CHARLOTTE, N.C. – A federal grand jury has returned a criminal indictment charging Nkhenge Shropshire, 48, of Charlotte, with wire fraud conspiracy, for allegedly submitting fraudulent loan applications to the U.S. Small Business Administration (SBA) to obtain COVID-19 relief loans, announced Dena J. King, U.S. Attorney for the Western District of North Carolina.
U.S. Attorney King is joined in making today’s announcement by Tommy D. Coke, Inspector in Charge of the Atlanta Division of the U.S. Postal Inspection Service (USPIS) which oversees Charlotte.
According to allegations contained in the indictment, Shropshire conspired with others to defraud the SBA by submitting fraudulent applications for Economic Disaster Relief Loans (EIDL), available under the expanded Coronavirus Aid, Relief, and Economic Security (CARES) Act, to business owners adversely impacted by the COVID-19 pandemic. To obtain a loan under the EIDL program, business owners are required to submit certain information in support of the application, including information about the business’s gross revenues in the 12 months prior to COVID-19’s impact and the number of workers employed by the company, among other things.
The indictment alleges that, between July 2, and September 2, 2020, Shropshire and her co-conspirators submitted at least 10 fraudulent EIDL applications to the SBA. The applications and supporting documents were allegedly for fictitious businesses and contained false information regarding the total number of employees employed by each business and total gross revenues. The indictment alleges that Shropshire and her co-conspirators attempted to obtain at least $331,072 in relief funds. The SBA accepted and paid out at least $45,000 to Shropshire and her co-conspirators as a result of the scheme. According to the indictment, Shropshire spent the fraudulent proceeds on personal expenses, including hotel stays, shopping sprees, and cars.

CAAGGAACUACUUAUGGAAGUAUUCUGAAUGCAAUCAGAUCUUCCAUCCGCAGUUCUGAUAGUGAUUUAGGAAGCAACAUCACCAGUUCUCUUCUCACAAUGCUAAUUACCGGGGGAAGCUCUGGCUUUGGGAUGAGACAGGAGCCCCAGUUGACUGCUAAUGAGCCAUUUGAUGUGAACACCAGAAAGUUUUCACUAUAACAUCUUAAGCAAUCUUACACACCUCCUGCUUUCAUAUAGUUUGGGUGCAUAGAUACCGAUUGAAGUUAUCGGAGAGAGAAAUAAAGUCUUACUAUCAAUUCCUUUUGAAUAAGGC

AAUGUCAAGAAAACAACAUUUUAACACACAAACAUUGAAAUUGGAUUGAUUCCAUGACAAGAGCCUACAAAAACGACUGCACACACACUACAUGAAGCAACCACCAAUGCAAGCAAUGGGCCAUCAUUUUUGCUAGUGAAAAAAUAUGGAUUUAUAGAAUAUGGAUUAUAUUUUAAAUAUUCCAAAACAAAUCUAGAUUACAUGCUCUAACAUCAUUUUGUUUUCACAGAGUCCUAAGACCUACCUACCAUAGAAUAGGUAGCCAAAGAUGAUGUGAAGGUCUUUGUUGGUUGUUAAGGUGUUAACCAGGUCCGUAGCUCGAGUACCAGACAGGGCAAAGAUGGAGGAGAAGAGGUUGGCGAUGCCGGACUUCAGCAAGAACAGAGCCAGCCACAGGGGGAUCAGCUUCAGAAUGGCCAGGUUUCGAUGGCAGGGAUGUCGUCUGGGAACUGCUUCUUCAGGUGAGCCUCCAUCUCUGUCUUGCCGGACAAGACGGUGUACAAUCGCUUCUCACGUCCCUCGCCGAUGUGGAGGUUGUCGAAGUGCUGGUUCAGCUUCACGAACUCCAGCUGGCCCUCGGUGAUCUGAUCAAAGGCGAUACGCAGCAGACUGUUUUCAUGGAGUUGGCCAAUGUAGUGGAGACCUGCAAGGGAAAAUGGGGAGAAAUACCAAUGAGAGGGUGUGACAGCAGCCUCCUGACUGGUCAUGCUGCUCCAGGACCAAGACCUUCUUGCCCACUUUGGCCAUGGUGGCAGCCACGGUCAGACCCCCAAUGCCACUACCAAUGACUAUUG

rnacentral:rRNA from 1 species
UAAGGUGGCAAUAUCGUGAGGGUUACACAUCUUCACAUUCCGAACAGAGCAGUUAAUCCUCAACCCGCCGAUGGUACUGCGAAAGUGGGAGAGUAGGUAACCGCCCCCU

Court records show that, in 2014, Shropshire was convicted of filing false tax returns and lying on a loan application and was sentenced to 33 months in prison and five years of supervised release. Shropshire was on federal supervised release when she allegedly participated in the EIDL fraud scheme. She is currently in federal custody and will have her initial appearance in federal court in Charlotte.
The charges contained in the indictment are allegations. The defendant is presumed innocent until proven guilty beyond reasonable doubt in a court of law.
In making today’s announcement, U.S. Attorney King commended USPIS for their investigation that led to today’s charges.
Assistant United States Attorney Matthew Warren, of the U.S. Attorney’s Office in Charlotte, is prosecuting the case.
The Department of Justice and the U.S. Attorney’s Office for the Western District of North Carolina need the public’s assistance in remaining vigilant and reporting suspected fraudulent activity. To report suspected fraud, contact the National Center for Disaster Fraud (NCDF) at (866) 720-5721 or file an online complaint. Complaints filed will be reviewed by the NCDF and referred to federal, state, local or international law enforcement or regulatory agencies for investigation. Members of the public in the Western District of North Carolina are also encouraged to call 704-344-6222 to reach their local Coronavirus Fraud Coordinator.